by Risa Green
It used to be that when my kids asked me questions, I always had an answer at the ready. At a moment’s notice, I could launch into age-appropriate explanations of the evils of cigarettes, how babies are made, what the seven words are that you can’t say on television and why the bad guys in Home Alone 2 don’t die when bricks are thrown at their heads from ten stories above. But lately, the questions have been getting more complex, and I’ve found myself in the totally unfamiliar state of being at a total loss for words.
Take, for example, a weekend trip we recently took with the kids to Las Vegas. Now, let me just say that a) Las Vegas has lots of family-friendly activities and we had one of the most awesome family weekends we’ve ever had, and b) I know, it’s Las Vegas, what did I think was going to happen. But in Las Vegas, as we were crossing through the casino in Mandalay Bay to get to the restaurant we were eating in one night (aren’t casinos supposed to be off-limits to children?), we happened to walk by a sub-section of the casino called the Pussycat Dolls Casino, in which women in skimpy, sequined bikinis and four-inch stilettos were dancing on the blackjack tables. My son, who was staring at the floor in an attempt to jump on every single swirly pattern in the entire carpet, didn’t even notice. But my daughter certainly did. She stared at the strippers – I mean dancers – and then turned her little face up to me, her eyes horrified and yet mesmerized at the same time, and said, Mommy. What. Is. That? And it was at that point that I realized that she had not yet caught on to the fact that women in our society are objectified, and I was sure as hell not about to explain it to her. So I created a diversion by pretending to trip over an old lady in a wheelchair, and then told my daughter to just keep walking.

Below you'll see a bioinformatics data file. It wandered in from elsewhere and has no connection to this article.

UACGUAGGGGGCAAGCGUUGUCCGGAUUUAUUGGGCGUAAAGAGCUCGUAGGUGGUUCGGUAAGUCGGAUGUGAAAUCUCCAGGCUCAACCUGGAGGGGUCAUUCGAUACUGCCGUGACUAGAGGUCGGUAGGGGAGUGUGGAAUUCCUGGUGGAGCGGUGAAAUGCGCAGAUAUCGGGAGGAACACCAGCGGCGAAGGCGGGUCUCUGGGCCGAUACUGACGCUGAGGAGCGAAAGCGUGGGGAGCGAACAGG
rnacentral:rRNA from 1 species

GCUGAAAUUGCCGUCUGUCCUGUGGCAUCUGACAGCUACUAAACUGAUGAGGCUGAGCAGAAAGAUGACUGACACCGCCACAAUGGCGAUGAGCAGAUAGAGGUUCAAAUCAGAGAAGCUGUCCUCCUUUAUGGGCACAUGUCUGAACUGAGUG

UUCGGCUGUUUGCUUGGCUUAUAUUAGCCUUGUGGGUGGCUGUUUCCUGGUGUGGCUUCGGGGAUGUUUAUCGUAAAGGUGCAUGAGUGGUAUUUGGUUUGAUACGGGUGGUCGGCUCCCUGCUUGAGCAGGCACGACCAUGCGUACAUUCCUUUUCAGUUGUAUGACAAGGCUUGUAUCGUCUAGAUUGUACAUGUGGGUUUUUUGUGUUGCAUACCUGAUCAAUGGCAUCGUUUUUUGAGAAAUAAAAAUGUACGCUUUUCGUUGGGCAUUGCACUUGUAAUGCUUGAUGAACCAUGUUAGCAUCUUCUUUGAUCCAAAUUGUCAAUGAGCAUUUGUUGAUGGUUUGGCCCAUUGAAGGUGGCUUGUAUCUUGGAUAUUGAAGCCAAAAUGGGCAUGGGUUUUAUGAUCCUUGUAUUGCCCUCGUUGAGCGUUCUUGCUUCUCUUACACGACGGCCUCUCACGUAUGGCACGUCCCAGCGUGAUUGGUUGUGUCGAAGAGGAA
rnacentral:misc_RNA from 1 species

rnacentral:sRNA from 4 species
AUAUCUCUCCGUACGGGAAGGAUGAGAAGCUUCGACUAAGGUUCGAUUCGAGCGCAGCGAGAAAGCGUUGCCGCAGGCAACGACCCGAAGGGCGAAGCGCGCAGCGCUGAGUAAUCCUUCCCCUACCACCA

Similarly, we were at baggage claim in the airport, coming back from a spring break trip to Mexico last week, and my daughter pulled out the little pink camera that she got for Hanukkah, in order to take pictures of the drug sniffing dog. The drug sniffing dog I was able to explain, no problem. But then a customs official came over and whispered to me that she’d better put her camera away before one of the federal officers took it away, and oh, boy, did that start a whole string of questions that I just could not, for the life of me, find a way to answer in any way, shape or form that would not completely terrify my children and prevent them from ever getting on another airplane for the rest of their lives. So I did the only thing I could do. I lied, and I told her that you’re not allowed to take pictures because something in the camera interferes with the frequencies of the conveyor belts, much the same way that using your cell phone on a plane interferes with the radio frequencies. I think she believed me, but just barely.